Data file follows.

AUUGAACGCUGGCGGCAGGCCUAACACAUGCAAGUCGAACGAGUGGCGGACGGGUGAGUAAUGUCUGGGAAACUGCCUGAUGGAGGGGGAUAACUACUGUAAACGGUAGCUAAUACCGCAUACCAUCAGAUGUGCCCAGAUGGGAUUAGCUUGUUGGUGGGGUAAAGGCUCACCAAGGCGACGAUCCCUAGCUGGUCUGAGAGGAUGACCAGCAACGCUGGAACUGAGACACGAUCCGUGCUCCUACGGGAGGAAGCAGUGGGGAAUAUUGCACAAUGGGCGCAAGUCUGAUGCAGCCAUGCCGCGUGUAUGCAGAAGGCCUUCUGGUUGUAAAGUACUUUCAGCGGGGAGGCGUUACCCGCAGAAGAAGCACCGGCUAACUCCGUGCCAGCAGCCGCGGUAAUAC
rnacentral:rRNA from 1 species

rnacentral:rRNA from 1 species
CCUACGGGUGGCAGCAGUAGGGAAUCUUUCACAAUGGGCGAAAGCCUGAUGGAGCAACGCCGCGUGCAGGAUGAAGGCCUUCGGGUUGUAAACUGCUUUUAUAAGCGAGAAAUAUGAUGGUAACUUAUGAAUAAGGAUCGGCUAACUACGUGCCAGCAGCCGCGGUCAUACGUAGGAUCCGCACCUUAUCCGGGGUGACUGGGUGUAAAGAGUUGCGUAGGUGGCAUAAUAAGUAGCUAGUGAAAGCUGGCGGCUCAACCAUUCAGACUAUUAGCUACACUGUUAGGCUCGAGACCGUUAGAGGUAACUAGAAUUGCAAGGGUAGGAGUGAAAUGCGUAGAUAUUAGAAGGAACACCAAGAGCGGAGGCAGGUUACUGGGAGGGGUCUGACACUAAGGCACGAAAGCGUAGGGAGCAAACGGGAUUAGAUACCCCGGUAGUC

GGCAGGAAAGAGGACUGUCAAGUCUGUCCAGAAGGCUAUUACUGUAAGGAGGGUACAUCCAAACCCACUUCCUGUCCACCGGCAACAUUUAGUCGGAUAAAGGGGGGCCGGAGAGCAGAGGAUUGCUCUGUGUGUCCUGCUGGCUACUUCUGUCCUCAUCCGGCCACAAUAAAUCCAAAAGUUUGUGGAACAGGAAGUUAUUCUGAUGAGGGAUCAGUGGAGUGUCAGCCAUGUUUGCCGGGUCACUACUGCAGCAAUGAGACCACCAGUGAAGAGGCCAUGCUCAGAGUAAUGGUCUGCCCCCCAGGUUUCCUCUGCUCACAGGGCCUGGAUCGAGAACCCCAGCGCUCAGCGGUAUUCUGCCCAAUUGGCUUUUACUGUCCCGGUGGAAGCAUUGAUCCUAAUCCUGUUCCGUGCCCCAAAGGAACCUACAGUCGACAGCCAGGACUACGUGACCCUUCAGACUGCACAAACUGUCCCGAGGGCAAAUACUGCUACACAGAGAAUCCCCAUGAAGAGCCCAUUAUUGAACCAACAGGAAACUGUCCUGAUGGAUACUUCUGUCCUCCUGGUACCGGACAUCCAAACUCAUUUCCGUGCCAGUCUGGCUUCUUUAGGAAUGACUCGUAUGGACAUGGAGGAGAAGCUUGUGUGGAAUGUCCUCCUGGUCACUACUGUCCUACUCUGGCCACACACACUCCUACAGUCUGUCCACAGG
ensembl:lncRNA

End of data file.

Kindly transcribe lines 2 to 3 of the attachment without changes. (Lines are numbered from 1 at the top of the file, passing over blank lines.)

rnacentral:rRNA from 1 species

rnacentral:rRNA from 1 species